Microtiter plate wells (NUNC, Maxisorp) were coated with 100 ng of CPSIII conjugated to Human Serum Albumin (CPS III-HSA) via the spacer adipic acid dihydrazide in PBS pH 7.464. Plates were incubated overnight at 2–8 °C, washed three times with PBST (0.05% Tween-20 in PBS pH 7.4) and saturated with 250 μL/well of PBST-B (2% Bovine Serum Albumin-BSA in PBST) for 90 min at 37 °C. Two-fold serial dilutions of test and standard sera in PBST-B were added to each well. Plates were incubated at 37 °C for 1 hour, washed with PBST, and then incubated for 90 min at 37 °C with anti-mouse IgG-alkaline phosphatase (Sigma) diluted 1:2000 or anti-rabbit IgG-alkaline phosphatase diluted 1:1000 in PBST-B. After washing, the plates were developed with a 4 mg/mL solution of p-Nitrophenyl Phosphate (pNPP) in 1 M diethanolamine (DEA) pH 9.8, at room temperature for 30 min. After blocking with 7% w/v EDTA, the absorbance was measured using a SPECTRAmax plate reader with wavelength set at 405 nm. IgG concentrations were expressed as relative ELISA Units/mL (EU/mL) and calculated by interpolating the absorbance values of serial sample dilutions on the standard calibration curve (Reference line method). The Standard consisted of a pool of hyperimmune sera obtained from animals immunized with 3 doses of CPSIII-CRM adjuvanted with Alum.

GBS opsonophagocytic killing assay

Opsonophagocytic killing assays (OPKA) were conducted on pooled sera from immunized mice as previously described66. Briefly, the reaction was performed in 96 well plates (Nunc), in HBSS (Hank’s Balanced Salt Solution, Gibco). For each reaction mixture, heat inactivated (56 °C for 30 minutes; HI) test serum, GBS COH1 bacteria, differentiated HL-60 cells and 10% baby rabbit complement (Cedarlane) were added. Control reactions were performed in the presence of HI complement or in the absence of antibodies or effector cells. For each serum sample, four dilutions were tested. Bacteria were prepared by directly diluting frozen aliquot stocks (A600 0.45–0.5) in HBSS + 10% normal rabbit serum (Sigma) to obtain a final concentration of 6 × 104 CFU/well (effector cells to GBS ratio 25:1). The reaction was incubated 1 hour at 37 °C with shaking (300 rpm). At times 0 and 60 minutes (T0 and T60) reactions were diluted in sterile water and 10 μL were plated in trypticase soy agar containing 5% blood sheep (Particle Measuring Systems). Plates were incubated overnight at 37 °C in presence of 5% CO2 and the percent of killing was calculated as (mean CFU at T0 - mean CFU at T60)/(mean CFU at T0). OPKA titers were expressed as the reciprocal serum dilution mediating 50% bacterial killing, estimated through linear interpolation of the dilution-killing OPKA data. The Lower Limit of Detection of the assay was 1:30.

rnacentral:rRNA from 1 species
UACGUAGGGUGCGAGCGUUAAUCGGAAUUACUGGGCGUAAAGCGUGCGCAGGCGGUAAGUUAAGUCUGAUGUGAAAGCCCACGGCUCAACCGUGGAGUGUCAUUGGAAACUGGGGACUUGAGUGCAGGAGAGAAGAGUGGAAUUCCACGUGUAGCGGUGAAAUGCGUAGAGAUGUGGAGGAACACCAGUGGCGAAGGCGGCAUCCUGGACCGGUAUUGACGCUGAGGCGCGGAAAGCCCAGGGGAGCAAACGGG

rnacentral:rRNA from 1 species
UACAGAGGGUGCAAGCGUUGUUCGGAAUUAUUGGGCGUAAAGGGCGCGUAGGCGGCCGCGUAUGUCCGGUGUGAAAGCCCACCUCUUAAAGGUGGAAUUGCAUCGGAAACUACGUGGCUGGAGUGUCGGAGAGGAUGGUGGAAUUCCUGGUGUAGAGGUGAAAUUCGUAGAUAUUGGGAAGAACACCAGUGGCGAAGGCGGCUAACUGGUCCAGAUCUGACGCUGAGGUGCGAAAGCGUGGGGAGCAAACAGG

Cytokine analysis

Cytokine analyses in the blood and tissue homogenates of vaccinated and control rats were performed using the Bio-Plex Pro Rat cytokine 24-plex panel (Bio-rad) following manufacturer’s procedures. Reactions were read at the Luminex® 200 system. The complete list of analyzed cytokines includes EPO, G-CSF, GM-CSF, GRO/KC (IL-8), IFN-γ, IL-1α, IL-1β, IL-2, IL-4, IL-5, IL-6, IL-7, IL-10, IL-12p70, IL-13, IL-17, IL-18, M-CSF, MCP-1, MIP-1α, MIP-3α, RANTES, TNF-α, and VEGF. Only cytokines showing a statistically significant difference between vaccinated rats and the control group were reported.

Tissue processing, histopathological evaluation, and immunohistochemistry

Tissues were fixed for 18–24 h in 4% buffered formaldehyde (Carlo Erba), washed and embedded in paraffin (formaldehyde-fixed and paraffin embedded, FFPE) with standard techniques. Then, 5 µm-thick sections were cut and stained with hematoxylin and eosin (H&E). Histopathological examination was performed in blind by experienced veterinary pathologists. Tissues were examined to detect signs of inflammation, and in particular the presence of mononuclear and polymorphonuclear (PMN) cells, interstitial diffuse inflammation, interstitial foci and glandular damage. Adjacent sections were subjected to immunohistochemical staining (IHC) for the detection of GBS in the automated immunostainer Discovery XT (Ventana). Briefly, sections were de-paraffinized, subjected to heat-mediated antigen retrieval in basic buffer (CC1, Ventana), saturated with casein-based solution (Antibody block, Ventana) and incubated for 12 h at room temperature in presence of anti-GBS serum from rabbits immunized with CPSIII-CRM/Alum diluted 1:400. Sections were further incubated with alkaline phosphatase-conjugated anti-rabbit antibody (UltraMap anti-Rb AP, Ventana) for 16 min at 37 °C, and finally with a chromogenic solution (ChromoMapBlue, Ventana) for 28 min at 37 °C. Counterstaining was performed with Red Counterstainer 2 (Ventana). Neutrophils were detected with anti-myeloperoxidase (MPO) antibody (antibody from Abcam ab9535, raised in rabbits, at the final concentration of 10 µg per slide) incubated for 12 h at room temperature, followed by HRP-conjugated anti-rabbit antibody (OmniMap anti-Rb HRP, Ventana) for 24 min at 37 °C, and finally by the chromogenic solution (ChromoMapDAB, Ventana) for 28 min at 37 °C. Counterstaining was performed with Hematoxylin II (Ventana). Slides were examined and images acquired by an optical microscope (Leica DM 5500B).


Statistical analyses were performed using the Graph Pad Prism® 7 software. The Mann-Whitney U-test (two tailed), the Fisher’s exact test (two tailed) or the Wilcoxon signed rank sum Test were used as reported to calculate statistical significance. P values of < 0.05 were considered statistically significant. Legend: *p-val < 0.05; **p-val < 0.01; ***p-val < 0.001; ****p-val < 0.0001.

Data availability

The datasets generated during and/or analyzed during the current study are available from the corresponding author on reasonable request.